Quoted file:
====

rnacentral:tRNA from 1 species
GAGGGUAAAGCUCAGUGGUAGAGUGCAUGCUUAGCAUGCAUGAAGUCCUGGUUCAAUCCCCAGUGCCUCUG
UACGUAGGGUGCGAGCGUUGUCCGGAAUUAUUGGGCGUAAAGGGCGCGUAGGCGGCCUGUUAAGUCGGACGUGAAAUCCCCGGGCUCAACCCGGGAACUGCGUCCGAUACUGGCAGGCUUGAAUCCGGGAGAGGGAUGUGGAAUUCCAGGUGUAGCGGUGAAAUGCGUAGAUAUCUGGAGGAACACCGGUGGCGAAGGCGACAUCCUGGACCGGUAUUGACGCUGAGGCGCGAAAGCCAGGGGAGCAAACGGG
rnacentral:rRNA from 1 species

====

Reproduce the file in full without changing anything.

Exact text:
rnacentral:tRNA from 1 species
GAGGGUAAAGCUCAGUGGUAGAGUGCAUGCUUAGCAUGCAUGAAGUCCUGGUUCAAUCCCCAGUGCCUCUG
UACGUAGGGUGCGAGCGUUGUCCGGAAUUAUUGGGCGUAAAGGGCGCGUAGGCGGCCUGUUAAGUCGGACGUGAAAUCCCCGGGCUCAACCCGGGAACUGCGUCCGAUACUGGCAGGCUUGAAUCCGGGAGAGGGAUGUGGAAUUCCAGGUGUAGCGGUGAAAUGCGUAGAUAUCUGGAGGAACACCGGUGGCGAAGGCGACAUCCUGGACCGGUAUUGACGCUGAGGCGCGAAAGCCAGGGGAGCAAACGGG
rnacentral:rRNA from 1 species